“The meaning of forgiveness is . . . accepting that you’re not going to go back and change the past.” —Cheryl Strayed
I thought I would feel whole when I became healthier, but what I really wanted was never to have been sick in the first place. I wanted to go back to the way my life was before I became sick; back to seemingly limitless energy, freedom and adventure, the flying trapeze, traveling with ease and eating whatever I wanted. And this seems to be quite a common experience. In his book The Wild Edge of Sorrow, psychotherapist Francis Weller writes:
“When we are in the grips of illness, a major focus in our mind is the hope of getting back to where we were before this sickness began. But we are not meant to go back. . . . [W]e must recognize that we have been uprooted by our cancer, our heart attack, our depression, and we have been set down on some new shore. Like any true ritual process, we are meant to come out of the experience deeply changed.”
I am reminded that my experiences are here to help me evolve. Wishing I could go back will only keep me stuck in old patterns. And even though I would sometimes like to forget that I was ever ill at all, to do so would be to deny pieces of my life’s puzzle. Embracing the ups, downs and in-betweens, what Zorba the Greek called “the full catastrophe”, and integrating my experience of illness into my present life can only add to the richness of my story. And should improve my chances of rediscovering that wholeness that I seek.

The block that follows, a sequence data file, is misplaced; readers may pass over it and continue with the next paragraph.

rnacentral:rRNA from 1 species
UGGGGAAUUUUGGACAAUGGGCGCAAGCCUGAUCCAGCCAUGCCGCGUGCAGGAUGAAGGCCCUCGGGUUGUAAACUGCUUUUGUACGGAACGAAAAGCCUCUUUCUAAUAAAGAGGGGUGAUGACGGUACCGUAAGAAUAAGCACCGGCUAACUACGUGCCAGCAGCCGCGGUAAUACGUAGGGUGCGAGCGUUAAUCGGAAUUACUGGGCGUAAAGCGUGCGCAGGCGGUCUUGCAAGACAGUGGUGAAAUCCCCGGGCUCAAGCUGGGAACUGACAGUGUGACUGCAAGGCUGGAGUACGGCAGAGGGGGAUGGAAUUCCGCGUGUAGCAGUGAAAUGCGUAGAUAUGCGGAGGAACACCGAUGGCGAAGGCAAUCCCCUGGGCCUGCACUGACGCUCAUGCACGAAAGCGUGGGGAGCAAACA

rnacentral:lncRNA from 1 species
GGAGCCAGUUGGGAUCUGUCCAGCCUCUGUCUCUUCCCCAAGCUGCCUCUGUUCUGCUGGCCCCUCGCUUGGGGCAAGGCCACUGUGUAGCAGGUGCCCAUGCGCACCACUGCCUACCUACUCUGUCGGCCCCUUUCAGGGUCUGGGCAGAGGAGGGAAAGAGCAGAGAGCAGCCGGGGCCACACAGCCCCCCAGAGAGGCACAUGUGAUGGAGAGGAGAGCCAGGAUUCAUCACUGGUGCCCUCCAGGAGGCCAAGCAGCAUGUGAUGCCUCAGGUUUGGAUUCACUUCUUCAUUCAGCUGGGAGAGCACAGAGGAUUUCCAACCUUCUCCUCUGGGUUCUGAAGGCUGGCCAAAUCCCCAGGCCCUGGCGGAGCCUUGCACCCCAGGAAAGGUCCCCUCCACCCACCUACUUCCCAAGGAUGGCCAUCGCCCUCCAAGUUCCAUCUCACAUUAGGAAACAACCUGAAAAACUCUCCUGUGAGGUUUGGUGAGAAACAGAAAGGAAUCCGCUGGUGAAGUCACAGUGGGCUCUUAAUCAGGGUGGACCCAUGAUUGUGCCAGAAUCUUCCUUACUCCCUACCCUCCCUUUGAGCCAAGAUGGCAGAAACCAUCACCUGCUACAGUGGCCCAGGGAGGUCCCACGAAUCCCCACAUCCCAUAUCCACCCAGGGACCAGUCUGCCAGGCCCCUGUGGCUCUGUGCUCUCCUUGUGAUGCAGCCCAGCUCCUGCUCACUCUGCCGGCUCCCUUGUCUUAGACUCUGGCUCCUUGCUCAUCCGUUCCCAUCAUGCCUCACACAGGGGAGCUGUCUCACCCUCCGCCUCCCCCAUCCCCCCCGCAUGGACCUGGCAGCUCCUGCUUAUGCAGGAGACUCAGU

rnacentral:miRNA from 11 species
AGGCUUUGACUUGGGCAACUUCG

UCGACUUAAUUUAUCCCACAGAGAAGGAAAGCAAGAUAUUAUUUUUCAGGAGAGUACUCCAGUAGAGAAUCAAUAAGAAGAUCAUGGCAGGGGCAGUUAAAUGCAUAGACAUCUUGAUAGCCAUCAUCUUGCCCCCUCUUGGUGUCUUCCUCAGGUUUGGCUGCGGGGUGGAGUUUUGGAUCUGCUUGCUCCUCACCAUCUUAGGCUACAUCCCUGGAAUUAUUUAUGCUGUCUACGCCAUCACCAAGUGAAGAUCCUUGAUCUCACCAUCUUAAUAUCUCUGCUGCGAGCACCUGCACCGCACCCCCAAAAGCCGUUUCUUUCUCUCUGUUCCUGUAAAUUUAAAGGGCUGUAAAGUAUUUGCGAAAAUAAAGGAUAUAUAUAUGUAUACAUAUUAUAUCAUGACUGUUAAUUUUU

Over the past 20 months, in an attempt to understand the lessons of my illness, I have meditated and taken workshops at a Buddhist retreat center. I’ve read Eckhardt Tollé and books on ancestral grief. I’ve listened to Oprah’s Super Soul Conversations podcast (don’t knock it til you try it). I’ve had Jin Shin Jiutsu sessions (a form of Japanese acupressure) and other types of therapeutic bodywork. I’ve done work to heal my inner child. But often when I’ve gotten to a place of deep awareness and started to feel something shift within me, I’ve been overcome by the urge to move onto something else, anything else. Evolving is hard work, and sometimes I have needed a break. But I keep getting pulled back to the path. And I am realizing that this is a path that I will be on (and off…and on…and off) for the rest of my life.